Brit-Yank journalist & consultant roving around the Middle East.
Fellow at the Center for Climate and Security, @NatGeo, @Newsweek, @bbc etc
It’s a little after six on a Monday morning, and already the butcher shops of Cairo’s Sayeda Zeinab neighborhood are hives of frenzied activity.
Busy since dawn, when mosques roused the faithful from their beds, teams of sweating young men corral sheep from streetside pens and then dispatch them with a quick slit to the throat. Once drained of their entrails, the carcasses are hastily skinned, hosed down, and hung from jagged hooks to dry.
For the master butchers of Egypt, the days leading up to the celebration ofEid al-Adha are ones in which their entire yearly profit might rest. Preparations have been in full swing for several weeks now. With thousands of beasts to slaughter, old knives have been sharpened, and the drains uncapped in anticipation of the gushes of animal blood. Veteran tradesmen strap supports to their wobbly elbows and shout themselves hoarse by noon.
But on this ordinarily happy occasion, this year celebrated roughly from September 12 through 15, not all is well among the meat buyers and purveyors of Cairo. Soaring food prices and stagnating salaries have pushed the cost of livestock beyond many people’s grasp. To those accustomed to celebrating the day with the slaughter of a live sheep, a cow, or even a camel, a deteriorating economy threatens to turn a once festive vacation into a pale shadow of its former self.
“On Eid we eat meat, but now no one can afford meat,” says Gamal Mohammed Abu Mater, a sheep trader in Abdeen. He says his sales have fallen 20 to 30 percent since last year.
Eid al-Adha marks Abraham’s (Ibrahim) near-sacrifice of his son, a tale which is also told with slight variations in the Bible and Torah. It’s one of the holiest events in the Islamic calendar, and an occasion on which distant relatives often travel home from afar in order to feast and spend time together. The pilgrimage to Mecca in Saudi Arabia, which all able-bodied Muslims are religiously mandated to perform at least once in their lives, is also completed during this period.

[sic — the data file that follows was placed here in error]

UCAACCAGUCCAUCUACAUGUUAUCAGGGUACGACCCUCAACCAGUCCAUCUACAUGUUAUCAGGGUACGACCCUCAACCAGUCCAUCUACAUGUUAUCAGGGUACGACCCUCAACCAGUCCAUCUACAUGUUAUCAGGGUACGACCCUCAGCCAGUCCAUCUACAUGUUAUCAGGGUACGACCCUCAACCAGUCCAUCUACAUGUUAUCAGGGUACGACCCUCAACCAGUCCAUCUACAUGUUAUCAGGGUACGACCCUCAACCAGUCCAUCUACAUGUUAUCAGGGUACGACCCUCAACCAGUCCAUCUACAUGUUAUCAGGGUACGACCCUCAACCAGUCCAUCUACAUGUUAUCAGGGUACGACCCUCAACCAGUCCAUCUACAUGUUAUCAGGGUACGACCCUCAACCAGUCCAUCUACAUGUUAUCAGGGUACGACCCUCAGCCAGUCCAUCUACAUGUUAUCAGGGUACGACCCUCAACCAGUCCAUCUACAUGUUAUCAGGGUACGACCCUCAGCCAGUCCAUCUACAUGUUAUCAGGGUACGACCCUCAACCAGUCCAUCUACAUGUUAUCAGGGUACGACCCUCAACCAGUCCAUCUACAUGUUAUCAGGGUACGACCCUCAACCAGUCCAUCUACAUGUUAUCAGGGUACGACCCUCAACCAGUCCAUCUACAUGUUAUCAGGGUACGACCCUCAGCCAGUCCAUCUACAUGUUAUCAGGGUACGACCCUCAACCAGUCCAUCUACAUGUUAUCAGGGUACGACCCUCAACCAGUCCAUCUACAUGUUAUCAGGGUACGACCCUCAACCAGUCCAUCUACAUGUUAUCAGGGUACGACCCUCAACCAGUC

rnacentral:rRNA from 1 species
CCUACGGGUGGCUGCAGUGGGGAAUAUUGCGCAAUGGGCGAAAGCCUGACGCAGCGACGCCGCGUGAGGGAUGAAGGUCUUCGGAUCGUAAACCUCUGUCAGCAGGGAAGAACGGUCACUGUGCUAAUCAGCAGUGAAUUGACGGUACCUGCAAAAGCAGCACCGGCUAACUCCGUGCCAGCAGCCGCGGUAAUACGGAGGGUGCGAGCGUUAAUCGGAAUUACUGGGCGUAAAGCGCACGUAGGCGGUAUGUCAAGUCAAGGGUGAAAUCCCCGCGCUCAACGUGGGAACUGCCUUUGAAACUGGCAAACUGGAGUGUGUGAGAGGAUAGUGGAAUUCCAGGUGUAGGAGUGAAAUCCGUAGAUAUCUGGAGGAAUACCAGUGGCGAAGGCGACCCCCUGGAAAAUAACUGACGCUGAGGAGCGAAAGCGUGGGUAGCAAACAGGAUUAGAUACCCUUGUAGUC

But as Egypt’s economy has taken a beating over the past few years, so, too, have the traditions underpinning sacred holidays. The country’scurrency has fallen almost 100 percent against the dollar since 2010. All this as Egypt’s population climbs by up to two million a year and its demand for imported food grows.
In addition, an extra large dip in the Egyptian Pound’s value this year increased the cost of imported animal feed to devastating effect. Beef that went for around 80 LE ($9) a kilogram last Eid now sells for up to 110 LE ($12.50). In Cairo’s upmarket Zamalek Island district, lamb prices have risen over 25 percent in the past 12 months.
“The inputs are all dependent on the international prices, over which we obviously have no control,” says Ayman Abou Hadid, a professor at Cairo’s Ain Shams University who has twice served as Minister of Agriculture. “And even if we were able to increase production, the extra demand would still make the prices high.”
For Egypt’s affluent, these price hikes are, for the most part, no obstacle to celebrating the day, and their largesse has helped to soften the blow for others, too. Muslim tradition suggests that a third of all slaughtered meat be donated to the poor, a third set aside for friends, and the remainder kept for personal consumption. Government and army-operated slaughterhouses also dole out some discounted foodstuffs to mark the day.
Without beef, sheep, or camel meat, some families are substituting fava beans in stews, or chicken, if they can afford it.
None of this is any consolation, however, to the struggling residents of Cairo’s middle and working class districts. For them, buying and slaughtering an animal is as much an act of religious devotion and pride as it as an increasingly rare opportunity to eat meat. As far as some of them are concerned, a failure to sacrifice is an affront to God. High meat prices are preventing them from meeting their faith’s obligations.
“This is for religion, and he who denies this holiday is denying his religion,” says Mohammed Anwar, a barber and resident of the working class Zeinhom district. “But this year we just can’t afford it,” he added, clasping a plastic sheep toy that he bought his young son as a consolation.
This isn’t the first year in which high meat prices have caused a stir during Egypt’s Muslim holidays. The situation was also bleak in 2012, when an outbreak of foot-and-mouth disease killed off tens of thousands of cows. And in April 2015, too, steep hikes convinced many consumers that butchers had conspired to fix prices, and social media commentators subsequently called for a meat boycott.
But Cairo residents say never in recent memory have circumstances conspired to rob them of their meat quite like this. If prices continue to rise like this, very soon only the President will be able to afford a joint of lamb, they say. “Sisi [Abdel Fattah el-Sisi] will have the butcheries all to himself,” laughs Om Fatima, a housewife in the Mounira neighborhood, as she stocks up on fruits for her daughter’s arrival several days before Eid. “Because none of will be able to buy anything but vegetables and wheat.”